Who knew Loudon Wainwright III was so damn hot!?
Okay, so maybe a little back story on that. This weekend I was out with S who I’ve seen a few times (and have actually written about here). Last time I was at her place I noticed she had an acoustic guitar stuck behind her couch.
I was a bit too distracted to pay it much mind then, but this time I asked about it. I hadn’t previously mentioned to her that I play a bit. She told me a while back her brother had started teaching a little but she gave it up after a few attempts and lost interest. I picked it up and sat on the floor fooling around with it.
It was a cheap guitar, but not an awful one, a Jasmine (a budget line from Takamine) with some old decrepit strings. The saving grace is that since it had barely been played, the strings weren’t decayed from finger sweat and oils so much as they were just a little dead sounding.
Still, I can’t help myself. I tuned it up by ear, not perfect, but good enough to play a bit and started strumming with just my fingernails (couldn’t find a pick). She asks me if I can actually play. I tell her I sing and play some, but not great.
So she asks me to sing her a song.
The truth is… I dread that moment. Put me on a stage with lights in my eyes and I’m good to go, but right there in front of someone looking at me I lose my nerve for some reason. I’m on the spot now, though, so I say okay.
The twerp sat her iphone next to me, recording it.
My mind goes completely blank. I mean, if I’m going to play a beautiful woman a song I want it to at least be something mildly sexy. I can usually throw out Just Like Heaven by The Cure without halfway trying, but nope… I blanked. Suddenly the only song that will come to me is “Daughter” by Louden Wainwright III.
To make matters worse, this song is played with a capo on the second fret. I don’t exactly carry a capo around in my pocket.
If you are not familiar, a capo (pictured to the left) is a little device that clamps across the fret board of a guitar to change the tuning to a higher key. It has a noticable effect on the tonal quality as well.
So now I have to transpose chords really quickly to accommodate playing it without a capo. It’s not brutally difficult, but on the fly, and considering I kind of suck, it’s a pain in the ass.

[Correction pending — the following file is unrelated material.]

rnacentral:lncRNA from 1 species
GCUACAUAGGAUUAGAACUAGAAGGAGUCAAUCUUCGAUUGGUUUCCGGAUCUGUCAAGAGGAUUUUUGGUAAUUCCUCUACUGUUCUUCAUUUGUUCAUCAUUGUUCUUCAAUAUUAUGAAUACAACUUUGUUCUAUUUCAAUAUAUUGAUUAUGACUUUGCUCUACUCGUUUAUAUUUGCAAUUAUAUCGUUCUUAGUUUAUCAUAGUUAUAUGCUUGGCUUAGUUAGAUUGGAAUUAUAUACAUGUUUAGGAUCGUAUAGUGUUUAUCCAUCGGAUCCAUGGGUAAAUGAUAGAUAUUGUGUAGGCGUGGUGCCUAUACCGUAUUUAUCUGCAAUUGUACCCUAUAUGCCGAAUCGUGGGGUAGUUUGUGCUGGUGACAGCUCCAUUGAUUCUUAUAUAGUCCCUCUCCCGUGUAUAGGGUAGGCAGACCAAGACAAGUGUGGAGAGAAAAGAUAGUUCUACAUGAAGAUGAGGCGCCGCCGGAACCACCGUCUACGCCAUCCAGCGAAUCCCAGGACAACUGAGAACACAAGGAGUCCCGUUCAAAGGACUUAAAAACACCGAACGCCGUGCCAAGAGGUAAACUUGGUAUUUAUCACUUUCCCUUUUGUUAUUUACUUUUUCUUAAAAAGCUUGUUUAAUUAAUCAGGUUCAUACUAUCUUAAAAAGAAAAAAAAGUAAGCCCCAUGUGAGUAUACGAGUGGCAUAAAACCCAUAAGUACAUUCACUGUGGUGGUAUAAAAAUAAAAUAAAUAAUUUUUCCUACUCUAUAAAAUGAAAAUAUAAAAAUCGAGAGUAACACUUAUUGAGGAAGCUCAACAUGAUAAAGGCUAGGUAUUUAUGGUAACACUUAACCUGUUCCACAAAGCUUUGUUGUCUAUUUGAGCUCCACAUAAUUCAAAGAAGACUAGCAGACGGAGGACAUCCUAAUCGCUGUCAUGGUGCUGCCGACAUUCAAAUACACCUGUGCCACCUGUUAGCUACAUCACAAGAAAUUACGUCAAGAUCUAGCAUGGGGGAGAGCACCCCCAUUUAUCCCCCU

To give you some idea, I’ll use a metaphor. Here are the seven standard colors:
Red Orange Yellow Green Blue Indigo Violet
You have something that goes:
Red Red Green Violet Red Blue
Except you have to transpose it 2 steps over. So Red is now Yellow, which means the other colors have to shift as well and you end up with:
Yellow Yellow Indigo Orange Indigo Violet
Not so difficult, but you’re going to be singing too, which means you need that finger memory doing it’s job, but you’re now playing completely different chord shapes and positions. Also, the colors would be more like Red Red LimeGreen Lavender Red Blue since we have sharps (#) in between some notes/chords, but not all.
Luckily it’s not a terribly difficult song to play. For example, in the verse the capoed chords have the same shape and relative position as G D C Em, but they are actually A E D Fm#. Therefore without the capo I have to play the actual A E D Fm# chord shapes and positions. Again, not super difficult, but you end up fighting against the way you learned to play it (for the record, I just realized while writing this I was actually playing F# instead of Fm# in the recording, oops! See what I mean?)
Oh, and between 2:08 and 2:27, that’s me forgetting the words :p
So, keep in mind, I’m banging away on a cheap guitar with crap strings, in a different key than I’m used to, in front of a beautiful woman, and all I can remember to play is a decidedly unsexy song by a guy who is best known for his song Dead Skunk (in the Middle of the Road)*.
Ladies and gentlemen, this is what it’s like inside my head.
Move over, Barry White. Loudon’s in the house. Who knew?